Aldara Side Effects, Uses & Dosage
Generic Name: Imiquimod
Table of Contents
- How to Take It
- Side Effects
- Warnings & Precautions
- Topical Interactions
- Dosage & Missing a Dose
- Pregnancy or Nursing
- More Information
Aldara (Imiquimod or INN) is a prescription, patient-applied topical medication used to treat genital warts. It also used to treat superficial basal cell carcinoma, and actinic keratosis. Imiquimod acts as an immune response modifier.
This information is for educational purposes only. Not every known side effect, adverse effect, or drug interaction is in this database. If you have questions about your medicines, talk to your health care provider.
It works by helping change certain chemicals in the brain, which professionals refer to as “neurotransmitters.” It is not yet well-understood why changing these neurochemicals results in symptom relief for the conditions this drug is commonly prescribed for.
How to Take It
Follow the directions for using this medicine provided by your doctor. This medicine may be taken on an empty stomach or with food. Continue to take this medicine even if you feel well. Do not miss any doses.
Side effects that may occur while taking this medicine include:
- redness, itching, or burning of the skin
- flaking of the skin
- blisters, scabs, or bumps on the skin
- change in skin color
- muscle weakness or pain
- flu-like symptoms
- fungal infection
Contact your doctor immediately if you experience:
Serious allergic reactions, including:
- itching/swelling of the face/tongue/throat
- severe dizziness
- trouble breathing
Warnings & Precautions
- tell your doctor and pharmacist if you are allergic to imiquimod or any other drugs.
- tell your doctor and pharmacist what prescription and nonprescription medications you are taking, including vitamins.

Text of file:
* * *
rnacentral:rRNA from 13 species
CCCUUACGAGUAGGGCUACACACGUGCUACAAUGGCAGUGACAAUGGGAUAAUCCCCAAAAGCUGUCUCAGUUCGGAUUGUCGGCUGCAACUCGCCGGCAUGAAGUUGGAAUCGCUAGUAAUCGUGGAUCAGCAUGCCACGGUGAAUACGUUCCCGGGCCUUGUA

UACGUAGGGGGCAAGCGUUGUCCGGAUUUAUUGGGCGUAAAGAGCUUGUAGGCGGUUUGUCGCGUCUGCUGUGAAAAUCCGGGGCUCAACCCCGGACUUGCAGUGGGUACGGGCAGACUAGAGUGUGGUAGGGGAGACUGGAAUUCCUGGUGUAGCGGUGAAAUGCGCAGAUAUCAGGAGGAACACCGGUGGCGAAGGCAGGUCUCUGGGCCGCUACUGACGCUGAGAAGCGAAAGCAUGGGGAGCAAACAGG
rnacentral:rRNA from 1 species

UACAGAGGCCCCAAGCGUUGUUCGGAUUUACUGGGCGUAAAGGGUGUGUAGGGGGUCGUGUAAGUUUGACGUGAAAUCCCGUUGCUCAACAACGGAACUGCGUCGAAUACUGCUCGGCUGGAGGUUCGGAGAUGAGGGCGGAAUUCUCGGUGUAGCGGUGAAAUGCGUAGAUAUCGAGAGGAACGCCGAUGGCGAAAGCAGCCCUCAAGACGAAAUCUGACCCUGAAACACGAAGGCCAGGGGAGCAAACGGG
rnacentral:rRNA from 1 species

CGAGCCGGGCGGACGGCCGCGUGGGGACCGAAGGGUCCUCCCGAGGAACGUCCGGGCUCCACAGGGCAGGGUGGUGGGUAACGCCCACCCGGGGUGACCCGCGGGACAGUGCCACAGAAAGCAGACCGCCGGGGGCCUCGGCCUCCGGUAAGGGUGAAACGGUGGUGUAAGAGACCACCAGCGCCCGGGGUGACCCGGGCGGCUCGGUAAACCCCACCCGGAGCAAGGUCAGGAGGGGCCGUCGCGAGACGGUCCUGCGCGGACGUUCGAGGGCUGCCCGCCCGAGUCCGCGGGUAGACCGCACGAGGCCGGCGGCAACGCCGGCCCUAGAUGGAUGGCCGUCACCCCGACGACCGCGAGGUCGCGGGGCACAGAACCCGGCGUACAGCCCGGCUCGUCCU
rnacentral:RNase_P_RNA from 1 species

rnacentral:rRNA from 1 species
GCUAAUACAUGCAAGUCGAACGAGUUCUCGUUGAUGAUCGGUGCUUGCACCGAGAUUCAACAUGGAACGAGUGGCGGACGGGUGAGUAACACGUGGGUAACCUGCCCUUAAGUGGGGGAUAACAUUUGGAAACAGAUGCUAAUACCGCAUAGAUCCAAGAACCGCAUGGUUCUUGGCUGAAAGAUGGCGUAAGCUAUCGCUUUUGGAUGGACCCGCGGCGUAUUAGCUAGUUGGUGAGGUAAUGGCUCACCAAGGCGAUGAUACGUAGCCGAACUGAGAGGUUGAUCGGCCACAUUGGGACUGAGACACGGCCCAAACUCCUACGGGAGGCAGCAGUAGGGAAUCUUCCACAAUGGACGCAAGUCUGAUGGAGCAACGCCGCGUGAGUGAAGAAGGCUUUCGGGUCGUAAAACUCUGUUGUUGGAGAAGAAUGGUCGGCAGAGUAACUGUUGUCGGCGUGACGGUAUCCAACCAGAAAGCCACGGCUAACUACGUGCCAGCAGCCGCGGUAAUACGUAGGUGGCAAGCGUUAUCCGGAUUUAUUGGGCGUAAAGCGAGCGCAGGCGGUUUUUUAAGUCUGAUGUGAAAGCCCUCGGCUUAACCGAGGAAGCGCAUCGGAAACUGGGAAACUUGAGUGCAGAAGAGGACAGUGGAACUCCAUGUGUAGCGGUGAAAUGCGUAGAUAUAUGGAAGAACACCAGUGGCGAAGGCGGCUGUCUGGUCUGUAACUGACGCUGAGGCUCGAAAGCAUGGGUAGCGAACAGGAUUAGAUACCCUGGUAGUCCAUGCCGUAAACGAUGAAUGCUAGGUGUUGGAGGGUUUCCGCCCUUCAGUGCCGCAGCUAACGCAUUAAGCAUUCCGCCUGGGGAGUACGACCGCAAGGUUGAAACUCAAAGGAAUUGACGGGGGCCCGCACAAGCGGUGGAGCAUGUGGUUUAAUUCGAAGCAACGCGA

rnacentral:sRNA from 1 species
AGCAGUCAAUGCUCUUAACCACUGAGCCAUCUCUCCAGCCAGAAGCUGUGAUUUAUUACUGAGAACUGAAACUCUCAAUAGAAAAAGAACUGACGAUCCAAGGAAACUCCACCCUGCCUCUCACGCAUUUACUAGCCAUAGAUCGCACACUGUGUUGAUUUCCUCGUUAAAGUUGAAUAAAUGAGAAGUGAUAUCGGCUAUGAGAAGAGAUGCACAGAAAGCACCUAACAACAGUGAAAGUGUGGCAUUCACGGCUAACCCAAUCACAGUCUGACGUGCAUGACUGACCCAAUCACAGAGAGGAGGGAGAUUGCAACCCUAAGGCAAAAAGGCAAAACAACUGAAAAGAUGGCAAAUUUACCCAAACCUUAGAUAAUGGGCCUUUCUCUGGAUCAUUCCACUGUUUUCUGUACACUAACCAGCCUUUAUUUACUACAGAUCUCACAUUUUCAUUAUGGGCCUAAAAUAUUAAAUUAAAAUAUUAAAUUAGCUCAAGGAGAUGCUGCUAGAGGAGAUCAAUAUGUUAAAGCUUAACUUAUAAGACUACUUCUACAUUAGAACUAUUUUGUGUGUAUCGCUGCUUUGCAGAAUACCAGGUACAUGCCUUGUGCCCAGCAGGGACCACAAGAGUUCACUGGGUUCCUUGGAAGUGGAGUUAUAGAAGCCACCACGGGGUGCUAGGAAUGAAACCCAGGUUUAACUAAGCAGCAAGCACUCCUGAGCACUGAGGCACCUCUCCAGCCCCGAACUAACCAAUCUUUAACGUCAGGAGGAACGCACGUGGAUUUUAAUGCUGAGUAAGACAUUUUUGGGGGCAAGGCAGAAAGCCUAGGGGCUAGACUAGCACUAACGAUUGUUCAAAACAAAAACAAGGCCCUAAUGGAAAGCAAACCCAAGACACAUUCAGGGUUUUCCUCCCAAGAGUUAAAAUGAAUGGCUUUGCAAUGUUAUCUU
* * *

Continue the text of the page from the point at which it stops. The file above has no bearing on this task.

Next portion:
- tell your doctor if you are pregnant, plan to become pregnant, or are breast-feeding. If you become pregnant while using imiquimod, call your doctor.
- For an overdose, seek medical attention immediately. For non emergencies, contact your local or regional poison control center at 1-800-222-1222.
Avoid getting this medication on lips, eyes, mouth, or nose. Do not place the cream in your rectum, vagina, or urethra. If it does get into any of these areas, rinse with water. Do not use imiquimod topical on windburned, sunburned, dry, irritated, chapped, or broken skin. Avoid using other medications on the areas you treat with this medication. Avoid exposure to tanning beds or sunlight. Avoid having unprotected sex.
Dosage & Missed Dose
Imiquimod topical is normally used 2 to 5 times per week for up to 16 weeks. Dosage of this medication will depend on the condition you are treating. Follow doctor’s instructions.
Using too much of this medicine, or using it for too long can increase your risk of severe skin reactions.
Skip the missed dose and wait until next bed time to use the medicine. Do not use extra medicine to make up the missed dose.
The container for this medication should be tightly closed, and out of reach of children. Best stored at room temperature, away from excessive moisture and heat (not in the bathroom). Throw away any medication that is outdated.
During pregnancy, Imiquimod medication should be used only when absolutely necessary. Discuss the risks and benefits with your doctor.
It is unknown whether this drug passes into breast milk. Before breast-feeding, consult your doctor.
For more information, talk to your doctor, pharmacist or health care provider, or you can visit this website, https://www.nlm.nih.gov/medlineplus/druginfo/meds/a698010.htmlfor additional information from the manufacturer of this drug.
Overall Review of this Medication
Psych Central. (2017). Aldara. Psych Central. Retrieved on December 12, 2017, from https://psychcentral.com/drugs/aldara/